2012 SEIB Colloquium
The annual SEIB Colloquium is being held on the 11 and 12 October 2012 at the University of Sydney.
The colloquium will be opened by Dr Michael Spence, Vice Chancellor and Principal; and Professor Bruce Robinson, Dean Sydney Medical School.
Who should attend
The colloquium is open to anyone with an interest in the areas of emerging/re-emerging infectious diseases and biosecurity, with a particular emphasis on the Asia-Pacific region.
This colloquium is a great opportunity for academics, health professionals and students to be updated on current developments.
The event will provide many opportunities for both interaction and networking, fostering new partnerships, and to explore opportunities for research collaboration.
Attendance is free, but all attendees must register online.
- Afternoon tea will be supplied on day one.
- Morning tea, lunch and afternoon tea will be supplied on day two.
Day One (Thursday, 11 October)
Venue : The Quad Lecture Theatre, The Quadrangle - Main Campus University Map
Registration commences 12.00pm
- What can we predict about disease emergence | Dr Eddie Holmes
- Global biosecurity - priorities and conflicting political agendas | Dr Adam Kamradt-Scott
- Elimination of soil transmitted helminths and lymphatic filariasis in Timor Leste | Professor Peter McMinn
- Assessing the problem of tropical lymph oedema | Professor Sharon Kilbreath
- How diet shapes our gut microbiota | Associate Professor Andy Holmes
- Lessons from a drosophila model | Dr Fleur Ponton
- Perspectives from the ICU | Professor Jon Iredell
- Approaches to bacterial populations under selection pressure | Professor Ian Paulsen
- Soil health and microbial ecology | Professor John Crawford
Day one will close at 5.30pm
Day Two (Friday, 12 October)
Venue : Nursing Lecture Theatre - 88 Mallett Street, Camperdown Transport Information on getting to the Mallett Street Campus.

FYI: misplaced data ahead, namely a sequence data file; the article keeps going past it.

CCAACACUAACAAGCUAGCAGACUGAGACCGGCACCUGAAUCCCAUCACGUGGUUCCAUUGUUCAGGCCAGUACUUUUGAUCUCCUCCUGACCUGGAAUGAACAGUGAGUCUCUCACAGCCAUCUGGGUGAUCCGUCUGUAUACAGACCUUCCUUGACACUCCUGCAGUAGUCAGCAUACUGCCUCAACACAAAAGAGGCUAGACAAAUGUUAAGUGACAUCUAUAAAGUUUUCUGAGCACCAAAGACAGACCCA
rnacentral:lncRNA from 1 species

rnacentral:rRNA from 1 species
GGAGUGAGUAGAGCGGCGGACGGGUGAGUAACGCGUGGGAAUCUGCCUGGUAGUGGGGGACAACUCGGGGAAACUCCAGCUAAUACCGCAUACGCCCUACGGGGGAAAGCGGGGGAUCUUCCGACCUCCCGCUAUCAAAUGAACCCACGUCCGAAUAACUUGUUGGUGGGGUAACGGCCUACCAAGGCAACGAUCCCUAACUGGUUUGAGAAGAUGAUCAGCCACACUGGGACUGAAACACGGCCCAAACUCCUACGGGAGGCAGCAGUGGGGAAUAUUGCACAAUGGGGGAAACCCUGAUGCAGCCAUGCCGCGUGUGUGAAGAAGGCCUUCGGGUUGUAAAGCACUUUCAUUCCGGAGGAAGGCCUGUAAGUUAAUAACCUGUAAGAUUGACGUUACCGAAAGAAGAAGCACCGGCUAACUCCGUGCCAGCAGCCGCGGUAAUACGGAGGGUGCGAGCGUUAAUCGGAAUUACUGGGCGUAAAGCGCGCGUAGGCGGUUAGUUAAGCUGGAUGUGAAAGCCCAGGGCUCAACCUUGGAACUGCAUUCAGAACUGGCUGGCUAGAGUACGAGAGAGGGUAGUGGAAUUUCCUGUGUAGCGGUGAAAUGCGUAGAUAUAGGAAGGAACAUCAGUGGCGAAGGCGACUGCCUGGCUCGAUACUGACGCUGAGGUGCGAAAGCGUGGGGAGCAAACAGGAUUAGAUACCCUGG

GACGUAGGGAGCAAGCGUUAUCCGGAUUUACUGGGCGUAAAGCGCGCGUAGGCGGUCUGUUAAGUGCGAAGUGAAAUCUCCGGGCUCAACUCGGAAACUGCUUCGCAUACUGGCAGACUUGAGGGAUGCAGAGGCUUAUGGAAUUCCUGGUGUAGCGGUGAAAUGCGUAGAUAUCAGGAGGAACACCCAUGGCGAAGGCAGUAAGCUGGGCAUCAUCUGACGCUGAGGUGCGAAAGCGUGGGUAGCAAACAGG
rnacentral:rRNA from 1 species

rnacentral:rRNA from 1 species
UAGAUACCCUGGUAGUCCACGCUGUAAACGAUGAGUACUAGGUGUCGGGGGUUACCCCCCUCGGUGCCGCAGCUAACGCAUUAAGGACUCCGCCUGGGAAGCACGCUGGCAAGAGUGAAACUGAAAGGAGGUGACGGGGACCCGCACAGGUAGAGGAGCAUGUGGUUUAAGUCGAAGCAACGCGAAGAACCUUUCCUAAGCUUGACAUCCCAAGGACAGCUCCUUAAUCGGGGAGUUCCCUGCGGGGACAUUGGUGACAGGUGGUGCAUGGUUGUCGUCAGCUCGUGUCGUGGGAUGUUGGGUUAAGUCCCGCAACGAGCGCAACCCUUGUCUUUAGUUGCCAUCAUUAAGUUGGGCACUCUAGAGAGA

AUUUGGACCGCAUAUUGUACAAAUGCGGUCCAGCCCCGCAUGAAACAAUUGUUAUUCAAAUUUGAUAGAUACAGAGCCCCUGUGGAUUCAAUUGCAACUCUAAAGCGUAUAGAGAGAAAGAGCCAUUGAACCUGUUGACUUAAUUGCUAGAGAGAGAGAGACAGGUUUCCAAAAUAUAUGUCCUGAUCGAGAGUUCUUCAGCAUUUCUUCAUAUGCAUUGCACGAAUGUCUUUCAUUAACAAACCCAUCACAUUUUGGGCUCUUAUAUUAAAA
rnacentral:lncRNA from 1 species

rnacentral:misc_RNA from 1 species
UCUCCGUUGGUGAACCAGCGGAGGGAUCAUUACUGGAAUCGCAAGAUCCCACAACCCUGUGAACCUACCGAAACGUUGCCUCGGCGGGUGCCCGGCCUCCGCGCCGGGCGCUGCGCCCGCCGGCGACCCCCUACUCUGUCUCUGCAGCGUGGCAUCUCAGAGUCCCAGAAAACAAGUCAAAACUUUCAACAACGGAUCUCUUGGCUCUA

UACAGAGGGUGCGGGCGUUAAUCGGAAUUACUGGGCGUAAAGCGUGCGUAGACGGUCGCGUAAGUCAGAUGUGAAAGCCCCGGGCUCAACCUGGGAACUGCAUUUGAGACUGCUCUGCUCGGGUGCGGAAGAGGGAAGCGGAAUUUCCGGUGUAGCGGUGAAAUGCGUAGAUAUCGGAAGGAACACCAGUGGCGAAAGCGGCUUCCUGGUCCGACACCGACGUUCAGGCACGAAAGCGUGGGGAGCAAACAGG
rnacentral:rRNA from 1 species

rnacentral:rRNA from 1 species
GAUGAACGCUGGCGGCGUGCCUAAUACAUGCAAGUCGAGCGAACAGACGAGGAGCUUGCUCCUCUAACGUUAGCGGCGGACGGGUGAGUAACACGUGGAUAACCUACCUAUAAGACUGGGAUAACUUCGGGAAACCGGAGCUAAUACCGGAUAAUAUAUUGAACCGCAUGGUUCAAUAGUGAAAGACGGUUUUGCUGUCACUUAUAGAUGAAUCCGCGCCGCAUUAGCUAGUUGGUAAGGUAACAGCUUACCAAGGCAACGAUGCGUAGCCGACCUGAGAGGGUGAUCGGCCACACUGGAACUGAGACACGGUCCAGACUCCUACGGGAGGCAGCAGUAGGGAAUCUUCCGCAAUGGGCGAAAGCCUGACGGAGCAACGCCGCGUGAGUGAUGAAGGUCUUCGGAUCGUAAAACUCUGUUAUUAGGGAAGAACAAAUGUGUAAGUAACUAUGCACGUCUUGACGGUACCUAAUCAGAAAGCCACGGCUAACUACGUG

Registration commences 8.00am
- Hepatitis - Australian and SE Asian perspectives | Dr Mark Douglas
- Tuberculosis - new advances in diagnosis, vaccine development and local/regional leadership | Professor Warwick Britton and Associate Professor Jamie Triccas
- TB control and elimination - legal/ethical issues | Professor Belinda Bennett and Associate Professor Ian Kerridge
- Zoonoses that threaten Australia | Associate Professor Helen Scott-Orr and Associate Professor Jenny-Ann Toribio
- Local issues and building regional capacity for HIV and STI management | Associate Professor Richard Hillman and Dr Shailendra Sawleshwarkar
- Encephalitis - a marker of emerging infections | Professor Robert Booy and Professor Cheryl Jones
- Health communication strategies | Professor Gerard Goggin
- Innovative decision-making assistance | Dr Julie Leask
- The use of social media and mobile digital devices for health: A sociological perspective | Dr Deborah Lupton
- Initiatives with farmers in rural Indonesia | Professor Merrilyn Walton
- Monitoring cryptococcal meningitis in a developing country | Brendan McMullan
- Active TB case finding in Vietnam | Greg Fox
- Community-based approaches to TB control in Eastern Indonesia | Christa Dewi
- Internal microbiota - an ecological approach | Orie Gilad
- Effect of different types of dietary fat on inflammation and microbiota | Connie Ha
- Economic decision making - Japanese encephalitis as a case study | Sarah-Jane Wilson
- Comparison of methodologies used to evaluate liposomal antibiotic nanoparticles | Hui Ong
- Influenza surveillance from clinical specimens with mass spectrometry | Neil Fernandes
- Infection control and tuberculosis in PNG highlands hospitals | Beverley Hall
- Malnutrition and food-borne disease | Dr Siobhan Mor
- Maternal and malnutrition and infant mortality | Professor Heather Jeffery
- Food security - political implications | Monika Barthwal-Datta
- Food safety - monitoring and surveillance systems | Associate Professor Vitali Sintchenko
Registrations have closed.
We are calling for poster/presentation abstracts by post-graduate students working in any area related to infectious disease. The best abstracts will be included in the SEIB colloquium booklet, which will also contain abstracts and short personal profiles of the invited speakers. Inclusion in the booklet will “show case” the most exciting projects within the SEIB community and facilitate linkage with other groups who share similar interests. The booklet will also be made available on the SEIB website.
There will be not be any expectation to display a poster or present.
We invite all students who submit abstracts (or anyone with a keen infectious diseases interest) to join us for the colloquium. The best abstract will be awarded a $250 cash prize.
Abstracts must be received by 1 October 2012. Please submit your 200-250 word abstract to firstname.lastname@example.org.